Step 4: Organize and give assignments.
What To Do
This step is where you activate the team assignments in your crisis plan. You should start with the individuals identified as the leads. This allows everyone to start performing immediately and begin the process of communicating with the public about the event.
During the event, the core team needs to contain the highest-level individuals from the areas of science, administration, and communication. Together, they will determine the daily requirements.
The functions needed on the communication team include:
- Director (or communication leadership team)
- Content and materials development
- Media relations
- Web management
- Public health communication
- Hotline/information center
- Federal government communication
- Health education
- Clinician communication
- Communications monitoring and research.
An example of how these communication functions may be organized is shown below.
An example of the CDC's Emergency Communication team is shown in this reference: CDC Emergency Communication: Communication Teams and Major Functions. Please note that this chart reflects the crisis and emergency response functions as the would be assigned in a large organization. Smaller organizations may need to assign multiple functions to one person, bring in contractors, or work with other organizations to carry out these functions.
The outcome of this step is that personnel will have critical communication functions to perform and everyone knows what their responsibilities are at the time of duty.
How To Do It
As the Communication Director, you kick off this assignment step by doing these four things:
Communication team functions/assignments
Your organization may not be staffed to have teams of individuals for each of these areas, or even one individual for each area. The important thing is to pay attention to the functions that need to be performed and determine who can carry them out. When giving assignments during this immediate event step, individuals need to know the answers to two questions:
- What is my role?
- What do I do right now?
The roles and specific tasks to be performed immediately for each function should have been thoroughly defined and documented in the Pre-Event phase. Assignment sheets, or some mechanism of communicating this information to the team, should have been prepared. The chart below shows a synopsis of the roles and immediate tasks to be performed for each of the functions listed in the organizational chart above.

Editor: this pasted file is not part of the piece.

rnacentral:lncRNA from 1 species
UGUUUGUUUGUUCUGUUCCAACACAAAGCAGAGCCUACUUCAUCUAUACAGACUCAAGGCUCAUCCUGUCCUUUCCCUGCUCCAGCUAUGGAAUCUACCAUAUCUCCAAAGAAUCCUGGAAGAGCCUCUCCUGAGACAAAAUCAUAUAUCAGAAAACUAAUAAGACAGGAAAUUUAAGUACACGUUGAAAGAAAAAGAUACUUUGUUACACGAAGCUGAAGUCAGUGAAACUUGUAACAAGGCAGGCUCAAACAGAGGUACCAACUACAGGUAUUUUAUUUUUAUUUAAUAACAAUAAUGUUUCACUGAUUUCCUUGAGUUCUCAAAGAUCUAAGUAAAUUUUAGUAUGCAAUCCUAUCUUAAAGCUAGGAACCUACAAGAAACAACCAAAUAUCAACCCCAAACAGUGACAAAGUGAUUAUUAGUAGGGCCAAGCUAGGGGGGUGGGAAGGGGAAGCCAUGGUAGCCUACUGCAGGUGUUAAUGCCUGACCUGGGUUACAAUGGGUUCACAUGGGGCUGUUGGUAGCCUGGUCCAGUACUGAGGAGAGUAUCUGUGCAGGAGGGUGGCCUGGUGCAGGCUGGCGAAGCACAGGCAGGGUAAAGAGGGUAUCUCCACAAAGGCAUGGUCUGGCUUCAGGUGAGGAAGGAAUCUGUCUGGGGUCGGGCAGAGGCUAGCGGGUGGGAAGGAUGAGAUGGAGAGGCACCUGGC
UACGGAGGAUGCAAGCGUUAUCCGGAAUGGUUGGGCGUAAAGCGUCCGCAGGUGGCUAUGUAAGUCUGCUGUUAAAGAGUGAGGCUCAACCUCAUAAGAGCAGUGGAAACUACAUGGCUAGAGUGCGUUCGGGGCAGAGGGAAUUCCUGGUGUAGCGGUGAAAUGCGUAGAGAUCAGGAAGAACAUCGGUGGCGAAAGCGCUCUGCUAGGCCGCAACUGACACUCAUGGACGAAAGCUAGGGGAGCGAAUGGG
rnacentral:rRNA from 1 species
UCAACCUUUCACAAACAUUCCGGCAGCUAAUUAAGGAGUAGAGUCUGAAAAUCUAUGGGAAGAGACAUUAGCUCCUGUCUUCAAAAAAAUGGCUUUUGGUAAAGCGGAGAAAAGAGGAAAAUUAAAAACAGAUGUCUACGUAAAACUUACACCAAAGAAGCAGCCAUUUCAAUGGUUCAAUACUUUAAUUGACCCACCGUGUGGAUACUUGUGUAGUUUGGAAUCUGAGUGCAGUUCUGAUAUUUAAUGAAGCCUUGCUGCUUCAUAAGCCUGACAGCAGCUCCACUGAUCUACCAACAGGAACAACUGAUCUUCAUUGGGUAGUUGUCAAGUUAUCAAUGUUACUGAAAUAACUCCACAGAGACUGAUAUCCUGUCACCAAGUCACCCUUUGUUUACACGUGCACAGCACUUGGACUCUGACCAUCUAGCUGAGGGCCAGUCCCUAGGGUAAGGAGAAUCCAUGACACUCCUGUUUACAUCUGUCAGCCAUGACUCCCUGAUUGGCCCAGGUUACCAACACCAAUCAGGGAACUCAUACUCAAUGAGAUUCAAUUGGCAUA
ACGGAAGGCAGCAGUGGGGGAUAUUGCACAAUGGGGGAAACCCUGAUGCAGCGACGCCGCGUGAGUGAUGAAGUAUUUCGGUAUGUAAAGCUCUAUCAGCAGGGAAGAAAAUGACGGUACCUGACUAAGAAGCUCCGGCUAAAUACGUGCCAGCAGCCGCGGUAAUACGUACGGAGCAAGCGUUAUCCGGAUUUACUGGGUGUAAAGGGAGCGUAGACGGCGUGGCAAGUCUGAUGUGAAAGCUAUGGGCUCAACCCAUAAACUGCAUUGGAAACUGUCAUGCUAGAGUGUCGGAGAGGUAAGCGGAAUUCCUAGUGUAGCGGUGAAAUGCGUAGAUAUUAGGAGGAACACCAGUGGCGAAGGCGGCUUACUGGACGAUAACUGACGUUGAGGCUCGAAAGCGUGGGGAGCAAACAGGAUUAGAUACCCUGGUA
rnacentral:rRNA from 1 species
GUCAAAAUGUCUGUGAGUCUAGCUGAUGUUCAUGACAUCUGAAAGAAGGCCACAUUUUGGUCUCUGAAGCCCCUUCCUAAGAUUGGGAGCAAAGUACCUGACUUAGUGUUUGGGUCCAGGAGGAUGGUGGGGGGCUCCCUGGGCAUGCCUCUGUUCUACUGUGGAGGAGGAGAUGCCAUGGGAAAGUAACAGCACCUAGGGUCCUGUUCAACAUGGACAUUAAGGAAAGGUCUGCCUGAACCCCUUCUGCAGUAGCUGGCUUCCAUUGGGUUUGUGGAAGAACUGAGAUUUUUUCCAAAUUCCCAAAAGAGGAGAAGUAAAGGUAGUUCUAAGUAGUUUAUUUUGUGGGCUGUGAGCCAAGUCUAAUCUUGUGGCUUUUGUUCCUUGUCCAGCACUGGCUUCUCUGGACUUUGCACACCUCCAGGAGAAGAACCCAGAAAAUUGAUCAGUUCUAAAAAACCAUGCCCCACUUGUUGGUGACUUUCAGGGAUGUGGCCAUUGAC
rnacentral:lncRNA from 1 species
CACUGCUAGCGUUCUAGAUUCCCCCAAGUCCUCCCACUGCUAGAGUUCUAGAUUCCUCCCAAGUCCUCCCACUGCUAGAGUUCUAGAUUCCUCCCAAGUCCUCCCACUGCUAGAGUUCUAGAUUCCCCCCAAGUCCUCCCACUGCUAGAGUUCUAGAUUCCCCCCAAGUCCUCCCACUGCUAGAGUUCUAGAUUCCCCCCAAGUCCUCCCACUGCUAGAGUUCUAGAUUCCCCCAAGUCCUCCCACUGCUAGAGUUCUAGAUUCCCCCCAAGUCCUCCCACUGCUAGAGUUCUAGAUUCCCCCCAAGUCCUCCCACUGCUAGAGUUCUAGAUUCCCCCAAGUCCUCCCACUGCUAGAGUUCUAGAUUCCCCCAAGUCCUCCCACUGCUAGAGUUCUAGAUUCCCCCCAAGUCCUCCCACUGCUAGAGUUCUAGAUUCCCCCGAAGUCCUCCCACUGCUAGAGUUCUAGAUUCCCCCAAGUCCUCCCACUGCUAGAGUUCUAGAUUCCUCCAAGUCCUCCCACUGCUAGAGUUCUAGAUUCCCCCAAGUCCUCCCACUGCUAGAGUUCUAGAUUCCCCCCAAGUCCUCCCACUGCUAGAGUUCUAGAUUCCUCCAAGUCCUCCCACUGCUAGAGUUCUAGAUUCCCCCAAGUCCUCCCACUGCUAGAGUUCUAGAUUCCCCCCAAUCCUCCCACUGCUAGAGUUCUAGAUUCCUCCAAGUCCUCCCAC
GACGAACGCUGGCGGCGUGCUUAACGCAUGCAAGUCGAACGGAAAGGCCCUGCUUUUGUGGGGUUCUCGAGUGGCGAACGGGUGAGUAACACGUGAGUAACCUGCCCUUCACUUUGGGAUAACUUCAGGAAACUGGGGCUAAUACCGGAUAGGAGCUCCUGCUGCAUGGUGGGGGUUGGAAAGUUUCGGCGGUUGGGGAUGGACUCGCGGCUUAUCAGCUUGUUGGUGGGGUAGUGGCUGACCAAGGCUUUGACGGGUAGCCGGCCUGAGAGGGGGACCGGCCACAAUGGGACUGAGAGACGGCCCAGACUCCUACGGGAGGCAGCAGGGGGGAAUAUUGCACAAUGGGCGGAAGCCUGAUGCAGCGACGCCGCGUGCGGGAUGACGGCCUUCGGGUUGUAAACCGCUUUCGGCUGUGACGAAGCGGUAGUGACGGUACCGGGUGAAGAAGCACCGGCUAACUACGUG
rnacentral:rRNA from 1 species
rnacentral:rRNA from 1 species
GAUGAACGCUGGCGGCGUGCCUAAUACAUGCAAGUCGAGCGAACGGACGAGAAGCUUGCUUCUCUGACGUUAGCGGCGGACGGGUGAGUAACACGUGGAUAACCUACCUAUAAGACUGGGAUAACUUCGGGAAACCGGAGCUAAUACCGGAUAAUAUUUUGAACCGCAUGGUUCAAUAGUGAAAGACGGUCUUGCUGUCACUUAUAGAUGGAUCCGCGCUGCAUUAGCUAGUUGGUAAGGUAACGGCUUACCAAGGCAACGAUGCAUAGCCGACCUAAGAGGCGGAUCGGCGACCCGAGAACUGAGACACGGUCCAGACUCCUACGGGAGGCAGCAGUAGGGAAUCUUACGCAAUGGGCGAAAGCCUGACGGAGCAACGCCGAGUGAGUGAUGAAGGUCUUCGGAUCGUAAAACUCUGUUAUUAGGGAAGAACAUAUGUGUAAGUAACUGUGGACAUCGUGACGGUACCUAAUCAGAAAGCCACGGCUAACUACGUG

Example Assignment Sheets
The chart below is a summary of the key roles and immediate tasks. To see a more complete description of the roles and tasks, open the sample assignment sheet for each function.
(The source documents for these assignment sheets are on the CD-ROM in the "Sample Documents" folder and can be edited to suit your organization's needs.)
How do you know when you have completed this step? If you can answer "yes" to the key checkpoints below, in all likelihood, this step has been completed.
Your next step during this phase of the event is to get the information prepared and get it approved for release. Because your functional teams are activated in this step, and everyone is in place and knows what to do. The process of information development begins.
Event Marketing examines all aspects of the marketing mix as they relate to successfully marketing an event. The course will explore various marketing tools – from the traditional to the emerging – to successfully promote an event. It will also cover the role of marketing in the event life-cycle, demonstrating the best use of marketing tactics while utilizing evaluation techniques to measure a successful outcome.
By the end of this course, students will be able to:
- Identify the elements that impact the event marketing plan
- Create a blog for an event
- Calculate and manage the costs that affect the event marketing budget
- Evaluate the best medium to market an event
- Recognize and discuss how design impacts the perception of an event
Teaching strategies for this online course will include lectures and facilitated discussion, case study method, readings, and analytical presentations by individuals and groups.
Topic 1: Introduction to Event Marketing – Forum: Using the 5 P’s in a Client Meeting – 10%
Topic 2: Integration – The Five Ws of Event Marketing – No assignment
Topic 3: Promotional Tools to Drive Event Success – Assignment: Create a Press Release – 15%
Topic 4: Marketing Design and Collateral – Assignment: Create a Marketing Plan Worksheet- 15%
Topic 5: Funding the Event Marketing Program – Quiz – Funding the Event Marketing Program- 15%
Topic 6: Marketing Strategies – Print – No assignment
Topic 7: Marketing Strategies – Web-based – Assignment: Create a Blog- 15%
Topic 8: Marketing your Event Business – Assignment: Create a Newsletter- 15%
Final Project: Create an Event Marketing Plan – 25%
Academic Content with Assessments
To complete each 8-week Course, students will have the following time commitments:
- Online Presentation: 1 hour
- Student/teacher engagement (via forum postings, course discussions): 2 hours
Total Student/Instructor time: 3 hours
- Text Reading: 3 hours
- Topic Review: 2 hours
- Assignment/Assessment: 3.5 hours
Total Review and Preparation: 8.5 hours
Total Student Weekly Engagement: 11.5 hours
24 CMP Credit Hours
2 Credit Course – Endicott College